For people with HIV, the program offers both a new opportunity to obtain prescription drug coverage and a maze of pitfalls and barriers that threaten to undermine continuous access to lifesaving medications -- the hallmark of high-quality HIV/AIDS care.
Medicare is the nation's healthcare insurance program for retired seniors and disabled workers, which until now has only covered inpatient services (hospitalizations) and, for an additional monthly cost (called a premium), outpatient services. Oddly enough, the basic program has not previously offered prescription drug coverage, creating a serious gap for its millions of beneficiaries. To obtain their medications, many beneficiaries have purchased supplemental private coverage, if they could afford it, or turned to Medicaid (run by their state) if they are extremely low income.
With the 2003 enactment of the Medicare Modernization Act, that landscape is changing. Beginning in October (and through May), Medicare patients will have to choose prescription drug coverage through a complicated new program known officially as "Part D." Helping the estimated 85,000 people with HIV on Medicare navigate the new program and understand their options and obligations will be a monumental task for case managers, benefit counselors, and AIDS service organizations. It's worth noting that only those eligible for Medicare will be affected -- essentially people who receive a monthly Social Security Disability Income (SSDI) check and not those who receive only a Social Security Income (SSI) check.
Most Medicare recipients will have until May 15, 2006 to enroll in Part D and must pick a plan offered in their area. They will have the option to change plans only once a year. Enrolling in Part D is optional, but a penalty (higher premiums) will be assessed on those who enroll after May 15, 2006, unless they already have prescription drug coverage "of equal or greater value."
What does this all mean for the average person with HIV? The individual cost burden is higher for people with lower incomes and/or high drug costs.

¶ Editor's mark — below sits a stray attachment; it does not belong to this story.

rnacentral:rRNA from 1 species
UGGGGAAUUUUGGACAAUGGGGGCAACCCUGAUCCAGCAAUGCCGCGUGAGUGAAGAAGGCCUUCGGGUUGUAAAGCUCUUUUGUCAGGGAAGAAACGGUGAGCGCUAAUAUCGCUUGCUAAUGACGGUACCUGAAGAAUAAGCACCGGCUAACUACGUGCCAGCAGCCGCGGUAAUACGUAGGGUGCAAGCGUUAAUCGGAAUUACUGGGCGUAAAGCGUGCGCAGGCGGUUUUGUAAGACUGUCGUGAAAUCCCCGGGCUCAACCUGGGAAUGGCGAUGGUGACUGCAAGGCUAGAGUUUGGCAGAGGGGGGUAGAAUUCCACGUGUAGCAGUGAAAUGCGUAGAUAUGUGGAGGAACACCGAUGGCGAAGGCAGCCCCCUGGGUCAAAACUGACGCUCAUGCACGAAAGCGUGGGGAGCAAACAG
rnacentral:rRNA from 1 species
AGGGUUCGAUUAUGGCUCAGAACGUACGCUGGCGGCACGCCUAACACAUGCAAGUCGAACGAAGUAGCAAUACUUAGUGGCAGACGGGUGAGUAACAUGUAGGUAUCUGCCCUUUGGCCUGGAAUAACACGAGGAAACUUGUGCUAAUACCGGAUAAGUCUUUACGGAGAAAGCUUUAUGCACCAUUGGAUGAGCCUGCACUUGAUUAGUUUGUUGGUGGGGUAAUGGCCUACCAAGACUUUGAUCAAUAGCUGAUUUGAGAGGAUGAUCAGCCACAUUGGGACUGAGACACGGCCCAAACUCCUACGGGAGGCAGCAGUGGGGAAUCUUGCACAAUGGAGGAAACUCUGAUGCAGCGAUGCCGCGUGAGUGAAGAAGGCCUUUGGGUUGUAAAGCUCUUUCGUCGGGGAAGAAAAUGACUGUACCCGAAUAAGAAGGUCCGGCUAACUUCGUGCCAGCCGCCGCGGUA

The financial burden becomes even steeper on individuals with lower incomes. If Lisa's income were $15,000 a year ($1,250 per month) and her drug costs remained the same, she would pay more than she receives in months three and four. The annual cost of the program would be 30% of her gross income.
People who are dually eligible for Medicaid and Medicare will be automatically enrolled in LIS. This includes people who receive Medicaid assistance to maximize Medicare benefits. All others must complete an LIS application form and meet eligibility criteria to receive the extra help. People who think they may qualify, and who are not dually eligible, will need to elect Part D, apply for LIS, and select a drug plan to receive Part D coverage.
Beneficiaries receive the most generous coverage after surpassing the donut hole. At this level -- called catastrophic coverage -- the program pays 95% of a recipient's drug costs for the rest of the year.
The sum of expenditures needed to reach catastrophic coverage is known as TrOOP: True Out-of-Pocket Costs. Federal regulations define approved ways beneficiaries can receive assistance with meeting out-of-pocket costs that continue to count toward TrOOP. Beneficiaries may receive other forms of assistance but such expenditures do not count toward TrOOP.
What counts as TrOOP? Fully state-funded "State Pharmaceutical Assistance Programs" can help beneficiaries pay premiums, deductibles, and co-payments (including during the donut hole). All these expenditures count toward TrOOP. Other ways to meet TrOOP include when a family member, private organization (including charitable organizations), or even a Patient Assistance Program pays incurred drug costs.
What does this all mean for the average person with HIV? Beneficiaries need to explore whether their state has an approved assistance program, and if not, whether one can be created (federal regulations limit what states can do if they don't already have a State Pharmaceutical Assistance Program).